Please take a minute to click the link above and relive the memory with me!
There’s something about that first love. Or maybe it’s that first loss.
I remember a girl I loved, and the spark of hope that burned in me until the day I found out there was no chance, that she would be with someone else. And I grieved the loss of something which had never come to pass.
It was a time of intense sadness and lament. But I suppose old hopes must die, so that new hopes might live — and be fulfilled.
New joys come, years pass, life transforms but in some long-forgotten place, that loss lingers. A sensitive place. A ticklish place that gets a reaction if you touch it.
In my case, music does it. I’m a sucker for really good break-up albums and songs. It’s not that they resurrect a memory. Rather, the raw pain of the songwriter resonates with me, taps into my own little vein of sadness. I empathize and feel their righteous anger.
Does it work that way with baseball, too? I guess that it does.
Just as someone can remember their first love, I can remember when I first followed the St. Louis Cardinals of my own accord. When I began to collect and trade baseball cards, clip out newspaper articles, memorize stats. It was the early 1990s, and the Cardinals were not very good — but that never matters.
Then came 1996. The year the Cardinals hired Tony La Russa as their manager. The year they got back into the playoffs. The year they were one win away from reaching the World Series.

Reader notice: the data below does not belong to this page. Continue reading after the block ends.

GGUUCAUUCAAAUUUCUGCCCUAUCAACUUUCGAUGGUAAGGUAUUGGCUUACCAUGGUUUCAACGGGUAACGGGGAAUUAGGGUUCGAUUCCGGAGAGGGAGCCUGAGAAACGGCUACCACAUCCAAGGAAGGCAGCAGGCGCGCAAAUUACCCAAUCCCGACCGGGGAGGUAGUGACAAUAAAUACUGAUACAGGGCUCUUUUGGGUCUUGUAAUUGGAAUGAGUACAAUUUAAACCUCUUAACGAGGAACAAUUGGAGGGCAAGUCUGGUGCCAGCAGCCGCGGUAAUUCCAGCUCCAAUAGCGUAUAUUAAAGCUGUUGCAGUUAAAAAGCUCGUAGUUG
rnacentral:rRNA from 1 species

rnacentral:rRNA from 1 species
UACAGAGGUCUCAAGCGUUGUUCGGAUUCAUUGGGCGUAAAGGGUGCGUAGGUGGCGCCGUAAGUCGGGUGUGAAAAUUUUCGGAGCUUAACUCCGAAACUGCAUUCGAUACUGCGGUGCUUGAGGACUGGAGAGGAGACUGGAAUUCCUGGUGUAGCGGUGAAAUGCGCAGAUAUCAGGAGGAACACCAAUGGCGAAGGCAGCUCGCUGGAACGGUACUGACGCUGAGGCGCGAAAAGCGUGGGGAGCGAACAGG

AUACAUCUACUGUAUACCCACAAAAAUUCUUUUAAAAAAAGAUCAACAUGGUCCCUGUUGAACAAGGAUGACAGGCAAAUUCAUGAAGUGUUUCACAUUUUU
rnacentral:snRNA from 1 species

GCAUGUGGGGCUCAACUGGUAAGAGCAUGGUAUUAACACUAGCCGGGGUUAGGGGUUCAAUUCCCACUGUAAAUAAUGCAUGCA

But then the unthinkable happened. The team unraveled with successive losses — 14-0, 3-1, 15-0 — and missed their opportunity.
As a kid, you grieve. But with baseball hope arises again each spring. There would be false starts along the way, but ultimately the Cardinals did get back into the World Series. Three times. They won it twice, including last year’s mind-blowing comebacks.
This year, the magic somehow seemed to be continuing. A miraculous Game 5 comeback in the division series made me believe it was meant to be. I was excited because my kids were getting into it. Jadzia was beginning to get the arcane rules of the game; Joseph was swinging any bat-like object he could find. Ludi was drawing circles on papers and pretending to keep score.
So when the Cardinals went up 3-1 in the NLCS, just one win away from reaching the World Series again, my heart soared. This was my team, on the verge of winning it all. Destiny.
But tonight it came crashing down. The Cardinals lost their third straight game to the Giants, and their opportunity is gone. It was painful, physically painful to watch. The churning in my stomach would not stop.
I had seen it, lived it before. It was 1996 again, and I mourned the loss of something that never happened. The loss of a dream. It was listening to a breakup album, feeling a resonance with past pain.
A girl. A team. Young loves. Young losses. You get over them, even forget them.
“It’s just a game.” “She’s just a girl.” “There’s always next year.” “There’s plenty of fish in the sea.”
Yes, yes, yes, and yes. My heart has already moved on to next spring.
But there’s something about loss. “I need my pain,” a wise fictional character once said.
Maybe we do, Captain. Maybe we do.
My Nan grew up in Wellingborough, England. Last week I got to see her childhood home, and today we went to her birth home in order to shoot a short little video.
(Nan’s brother, Uncle Raymond, jokingly claims she was found, not born.)
I am visiting England for one week with my mother and grandmother. My grandmother, whom I call “Nan,” was born and raised in England before leaving as a young woman to marry an American (my “Papa”).